Deferred execution with LINQ

The execution of queries on collection of objects in C# is an operation that we can do of course using LINQ, the popular component introduced 10 year ago in the .NET framework.

With LINQ we can write queries on objects with a SQL-like sintax, it give us a lot of flexibility but, as all the powerful tools, we need to take care about some aspects that can influence the performance of our query.

Recently I faced with a problem in a piece of code that in the first version had bad performances; this code simply mapped a list of object in another one; apparently the code was correct but the execution of a list of thousand objects was very slow, about ten times more than expected; the problem was the deferrend execution of LINQ.

The models

Suppose that I have a person model like this:

class Person
{
public string FirstName { get; set; }
public string LastName { get; set; }
public Address Address { get; set; }
}

class Address
{
public string Street { get; set; }
public string Zip { get; set; }
public string City { get; set; }
}

I want to map this model in another one:

class PersonModel
{
public string FirstName { get; set; }
public string LastName { get; set; }
public string Address { get; set; }
}

So I want to denormalize an object person with an address in another one with a flat rapresentation of the address itself.

The code

Now suppose that I have a list of 1000 persons and I want to map them in person models, I can do this with a simple LINQ select statement:

var personsModels = persons.Select(p => new PersonModel()
{
FirstName = p.FirstName,
LastName = p.LastName,
Address = $"{p.Address.Street} ({p.Address.Zip}) {p.Address.City}"
});

Now I can use NUnit to check the result, like this:

for (int i = 0; i < personsModels.Count(); i++)
{
Assert.IsNotEmpty(personsModels.ElementAt(0).Address);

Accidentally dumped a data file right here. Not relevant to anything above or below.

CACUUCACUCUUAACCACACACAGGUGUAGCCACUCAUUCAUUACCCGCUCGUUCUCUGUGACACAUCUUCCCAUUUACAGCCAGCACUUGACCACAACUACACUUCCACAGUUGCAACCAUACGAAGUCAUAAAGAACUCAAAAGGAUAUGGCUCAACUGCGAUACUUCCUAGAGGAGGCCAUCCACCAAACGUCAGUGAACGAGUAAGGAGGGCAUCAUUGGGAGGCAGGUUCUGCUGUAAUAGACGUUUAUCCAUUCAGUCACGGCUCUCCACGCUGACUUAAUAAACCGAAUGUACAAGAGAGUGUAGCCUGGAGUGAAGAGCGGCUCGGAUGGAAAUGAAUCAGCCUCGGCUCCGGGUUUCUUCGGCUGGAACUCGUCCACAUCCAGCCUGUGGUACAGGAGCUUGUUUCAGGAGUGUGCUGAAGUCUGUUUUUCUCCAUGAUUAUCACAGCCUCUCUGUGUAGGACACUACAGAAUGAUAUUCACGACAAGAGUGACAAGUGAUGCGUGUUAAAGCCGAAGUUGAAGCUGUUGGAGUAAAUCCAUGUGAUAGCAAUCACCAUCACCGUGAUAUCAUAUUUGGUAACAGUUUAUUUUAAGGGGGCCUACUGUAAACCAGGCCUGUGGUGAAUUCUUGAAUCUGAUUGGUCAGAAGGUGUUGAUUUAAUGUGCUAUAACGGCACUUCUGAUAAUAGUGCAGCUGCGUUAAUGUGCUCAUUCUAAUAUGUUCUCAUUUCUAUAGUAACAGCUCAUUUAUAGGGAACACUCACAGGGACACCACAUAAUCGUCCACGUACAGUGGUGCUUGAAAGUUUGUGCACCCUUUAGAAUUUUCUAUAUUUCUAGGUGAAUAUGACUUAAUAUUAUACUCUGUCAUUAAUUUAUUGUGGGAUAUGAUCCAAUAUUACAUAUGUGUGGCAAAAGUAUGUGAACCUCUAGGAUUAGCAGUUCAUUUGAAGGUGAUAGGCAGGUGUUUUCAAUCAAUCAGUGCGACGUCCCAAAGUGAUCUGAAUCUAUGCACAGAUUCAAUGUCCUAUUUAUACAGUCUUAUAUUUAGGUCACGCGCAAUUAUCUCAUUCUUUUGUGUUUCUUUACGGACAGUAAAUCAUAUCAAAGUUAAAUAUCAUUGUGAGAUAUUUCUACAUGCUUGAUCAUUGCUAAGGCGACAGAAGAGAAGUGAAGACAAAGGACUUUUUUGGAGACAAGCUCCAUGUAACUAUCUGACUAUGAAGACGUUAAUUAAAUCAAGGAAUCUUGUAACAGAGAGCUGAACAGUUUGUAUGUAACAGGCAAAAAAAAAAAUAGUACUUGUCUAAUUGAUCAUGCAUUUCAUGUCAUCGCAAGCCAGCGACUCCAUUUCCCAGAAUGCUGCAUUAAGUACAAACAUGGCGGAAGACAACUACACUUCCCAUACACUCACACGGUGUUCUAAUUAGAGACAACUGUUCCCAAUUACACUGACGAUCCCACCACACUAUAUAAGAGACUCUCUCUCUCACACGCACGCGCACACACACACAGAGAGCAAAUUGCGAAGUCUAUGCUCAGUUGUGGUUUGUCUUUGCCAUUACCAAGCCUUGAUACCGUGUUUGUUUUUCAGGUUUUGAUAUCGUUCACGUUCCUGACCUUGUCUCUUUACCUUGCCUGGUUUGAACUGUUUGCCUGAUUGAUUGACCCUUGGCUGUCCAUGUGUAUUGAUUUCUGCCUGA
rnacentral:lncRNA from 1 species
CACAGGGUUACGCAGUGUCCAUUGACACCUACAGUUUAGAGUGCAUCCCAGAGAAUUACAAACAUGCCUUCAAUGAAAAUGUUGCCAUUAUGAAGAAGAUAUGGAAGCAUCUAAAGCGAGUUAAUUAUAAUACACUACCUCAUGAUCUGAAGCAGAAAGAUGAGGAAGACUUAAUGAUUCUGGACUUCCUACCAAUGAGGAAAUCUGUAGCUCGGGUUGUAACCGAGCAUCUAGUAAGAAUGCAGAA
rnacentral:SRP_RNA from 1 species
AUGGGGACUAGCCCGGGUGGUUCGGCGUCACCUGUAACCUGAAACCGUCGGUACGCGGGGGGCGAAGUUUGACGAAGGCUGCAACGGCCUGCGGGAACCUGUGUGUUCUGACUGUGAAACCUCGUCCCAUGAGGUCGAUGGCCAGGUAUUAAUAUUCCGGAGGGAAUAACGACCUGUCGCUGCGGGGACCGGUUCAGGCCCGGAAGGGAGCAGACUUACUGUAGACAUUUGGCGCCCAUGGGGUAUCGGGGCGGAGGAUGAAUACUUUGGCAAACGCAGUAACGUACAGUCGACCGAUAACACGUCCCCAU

}

The time of execution of this test is around 200 milliseconds for 1000 object.

At the first time sounds good but is not true; first of all 200 milliseconds to map 1000 object is unacceptable; second, what happens if, instead of the deferred execution I adopt the immediate execution, like this:

var personsModels = persons.Select(p => new PersonModel()
{
FirstName = p.FirstName,
LastName = p.LastName,
Addess = $"{p.Address.Street} ({p.Address.Zip}) {p.Address.City}"
}).ToList();

The result is that the same code is executed in 20 milliseconds, 10 time less that the previous test.

The explanation of this is that in the first version, every time the assert try to retrieve the object, the select statement will be re-evaluated to the entire persons list; this because what I have written in the first piece of code is only an expression, that will be evaluated deferred when requested.

With the second one, the evaluation of the expression will be executed immediately and the results materialized in a list.

This could be a common error that also expert programmer could do and find a similar error later could not be easy.

 

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